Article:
Thursday, 26 February 2009

Eat well and help save the planet

A meeting about a new local food initiative. It sounded just up my street so I went along.

It was my first experience of a Chamber of Commerce meeting, and I really should have remembered that when it got to the questions and answers part...

However, the speakers were really good:

  • Sally Bendall from Hollow Trees farm shop (and recent chairman of FARMA),

  • Stella Burton, from Beaumont school (an eco-school, also taking part in a european sustainable food project),

  • Karen Kenney, area rep of the National Society of Allotment Holders and Leisure Gardeners, (who was my favourite speaker of the evening for her enthusiam and impeccably varnished nails!), and

  • Mark David from a local cookery course company (who decided that his talk was about promoting his business - rather than local food!!, but was entertaining nonetheless).

Then came the Q&A.

I was quite surprised, we were told by someone who admitted he was a local food producer that it can cost more to grow your own food! No vested interests there then!!

Then someone else tried to knowingly pass Hugh Fearnley Whittingstall's land share idea off as his own. I suspect this because after he had described the project perfectly (without mentioning the national campaign) and that perhaps we should have somewhere, perhaps a website, where people could sign up to the idea, I naively stood up and spoke about Hugh's landshare project and website and how it's a national campaign and people in the area might already be signed up for it. The chap was smiling knowingly before I'd finished saying "Hugh Fearnley Whittingstall" - I guess he was a web designer.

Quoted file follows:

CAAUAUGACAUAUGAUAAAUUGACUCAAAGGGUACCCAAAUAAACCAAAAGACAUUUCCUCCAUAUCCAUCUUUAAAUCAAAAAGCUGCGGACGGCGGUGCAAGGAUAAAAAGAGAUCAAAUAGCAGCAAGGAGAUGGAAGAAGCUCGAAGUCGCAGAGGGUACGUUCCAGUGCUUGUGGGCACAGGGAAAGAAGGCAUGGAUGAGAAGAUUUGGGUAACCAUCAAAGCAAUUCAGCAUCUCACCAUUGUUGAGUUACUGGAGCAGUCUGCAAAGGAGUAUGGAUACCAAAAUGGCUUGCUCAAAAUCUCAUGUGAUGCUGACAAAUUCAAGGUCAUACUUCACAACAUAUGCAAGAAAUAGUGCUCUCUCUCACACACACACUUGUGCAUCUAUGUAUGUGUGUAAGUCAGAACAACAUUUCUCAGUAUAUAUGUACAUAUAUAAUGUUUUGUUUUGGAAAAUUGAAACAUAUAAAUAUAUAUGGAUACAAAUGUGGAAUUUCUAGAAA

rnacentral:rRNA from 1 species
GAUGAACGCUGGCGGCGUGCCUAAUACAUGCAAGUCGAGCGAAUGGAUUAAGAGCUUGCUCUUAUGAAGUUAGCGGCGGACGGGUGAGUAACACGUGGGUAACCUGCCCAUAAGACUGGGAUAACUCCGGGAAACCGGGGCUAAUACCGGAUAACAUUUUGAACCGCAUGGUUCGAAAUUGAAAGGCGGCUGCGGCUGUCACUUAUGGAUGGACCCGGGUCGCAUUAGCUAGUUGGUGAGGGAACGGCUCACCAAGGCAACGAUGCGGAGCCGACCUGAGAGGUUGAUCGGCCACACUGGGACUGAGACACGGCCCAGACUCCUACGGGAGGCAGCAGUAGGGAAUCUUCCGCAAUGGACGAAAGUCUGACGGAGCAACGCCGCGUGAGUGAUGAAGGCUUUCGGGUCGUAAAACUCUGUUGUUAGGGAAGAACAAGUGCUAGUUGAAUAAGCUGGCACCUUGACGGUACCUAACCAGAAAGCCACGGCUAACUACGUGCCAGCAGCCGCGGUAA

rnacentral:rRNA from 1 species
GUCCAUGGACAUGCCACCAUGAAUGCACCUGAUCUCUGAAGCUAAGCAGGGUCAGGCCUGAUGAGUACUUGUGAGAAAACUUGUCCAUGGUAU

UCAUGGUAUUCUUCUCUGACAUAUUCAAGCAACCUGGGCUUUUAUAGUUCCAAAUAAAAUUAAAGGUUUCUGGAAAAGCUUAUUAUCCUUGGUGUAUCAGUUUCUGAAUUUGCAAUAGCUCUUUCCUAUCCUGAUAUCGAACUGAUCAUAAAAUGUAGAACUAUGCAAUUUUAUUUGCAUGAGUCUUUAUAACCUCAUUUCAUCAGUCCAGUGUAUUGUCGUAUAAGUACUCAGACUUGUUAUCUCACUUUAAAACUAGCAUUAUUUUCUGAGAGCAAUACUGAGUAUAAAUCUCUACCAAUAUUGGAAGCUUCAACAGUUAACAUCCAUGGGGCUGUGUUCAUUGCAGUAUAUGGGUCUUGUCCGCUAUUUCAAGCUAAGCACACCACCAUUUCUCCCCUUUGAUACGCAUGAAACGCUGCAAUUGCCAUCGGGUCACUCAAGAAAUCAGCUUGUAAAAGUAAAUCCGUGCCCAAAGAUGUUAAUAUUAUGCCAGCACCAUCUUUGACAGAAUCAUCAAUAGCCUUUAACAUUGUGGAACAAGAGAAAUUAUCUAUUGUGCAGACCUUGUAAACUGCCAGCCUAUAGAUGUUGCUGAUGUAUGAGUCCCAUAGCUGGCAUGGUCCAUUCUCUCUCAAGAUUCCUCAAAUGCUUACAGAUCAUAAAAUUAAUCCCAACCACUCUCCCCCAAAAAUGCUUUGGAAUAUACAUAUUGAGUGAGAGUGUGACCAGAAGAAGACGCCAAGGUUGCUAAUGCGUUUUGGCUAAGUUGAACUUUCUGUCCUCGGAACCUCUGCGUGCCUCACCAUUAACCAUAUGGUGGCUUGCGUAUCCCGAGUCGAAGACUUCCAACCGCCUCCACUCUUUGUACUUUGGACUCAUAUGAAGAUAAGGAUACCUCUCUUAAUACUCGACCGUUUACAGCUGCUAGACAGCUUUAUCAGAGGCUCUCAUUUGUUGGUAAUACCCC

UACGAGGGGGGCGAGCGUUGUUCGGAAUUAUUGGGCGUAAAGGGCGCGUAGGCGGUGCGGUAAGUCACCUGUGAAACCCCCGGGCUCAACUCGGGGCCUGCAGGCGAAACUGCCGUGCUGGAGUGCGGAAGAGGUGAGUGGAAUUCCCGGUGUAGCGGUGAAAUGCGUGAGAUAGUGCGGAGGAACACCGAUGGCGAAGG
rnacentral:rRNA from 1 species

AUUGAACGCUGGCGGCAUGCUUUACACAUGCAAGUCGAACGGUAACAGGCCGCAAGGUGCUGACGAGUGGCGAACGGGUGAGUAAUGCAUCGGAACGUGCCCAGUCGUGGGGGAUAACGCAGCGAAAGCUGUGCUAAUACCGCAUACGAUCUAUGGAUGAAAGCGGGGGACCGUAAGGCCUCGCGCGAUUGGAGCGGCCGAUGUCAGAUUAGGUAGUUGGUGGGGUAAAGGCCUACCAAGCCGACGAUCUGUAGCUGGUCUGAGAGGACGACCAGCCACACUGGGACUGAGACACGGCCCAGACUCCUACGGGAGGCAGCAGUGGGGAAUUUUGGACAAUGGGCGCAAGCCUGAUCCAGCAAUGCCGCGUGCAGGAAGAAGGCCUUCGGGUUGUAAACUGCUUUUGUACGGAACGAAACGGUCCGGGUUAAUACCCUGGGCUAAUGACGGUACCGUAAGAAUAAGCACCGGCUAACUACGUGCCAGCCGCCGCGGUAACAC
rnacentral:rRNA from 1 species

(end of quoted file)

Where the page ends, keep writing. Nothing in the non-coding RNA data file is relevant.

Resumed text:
Nevermind. The evening was generally postive. The idea of making our small town a centre for fresh, organic, local food is just fab and very "transitional". The meeting ended with a show of hands supporting the Local Food Initiative, based on the Fife diet. I hadn't heard of the fife diet, and no-one mentioned it during the evening, but basically people in an area sign up to eat food produced in that area for a year and therefore eating well and saving the planet.

The Transition HandbookFor more information about transition towns see The Transition Handbook (I'm on page 61) or the Transition Towns wiki.


  1. I think another name for people on the 'Fife diet' is locavores. The Barbara Kingsolver book 'Animal, Vegetable, Miracle' desicribes her family's attempt to eat local, but they had a farm, so aren't typical. I found it an interesting book in parts, the parts which described how they went about it. Others might find it more interesting if they are interested in the many facts and figures about why we should eat in a more sustainable fashion. I felt I already knew as much as I needed to and wanted a lighter read.

    A locavore diet can be fairly limited, especially in Winter, but I try to bear location in mind, but will buy fruit from Africa at this time of year. I avoid beans from Kenya and that sort of thing, and try not to buy things from South America. I also buy a lot from a supplier of meat and veg etc from only this and the neighbouring counties, i.e. Kent, Sussex, Surrey and Hampshire. We're also trying to grow more of our own fruit and veg and have just started to keep chickens.

    My first priority is that my family and myself eat a healthy, balanced diet.

  2. Hi Karin,

    Yes, locavores - people who eat local food - one of the speakers did mention that. I didn't get the connection at the time.

    I'll look that book up in the library.


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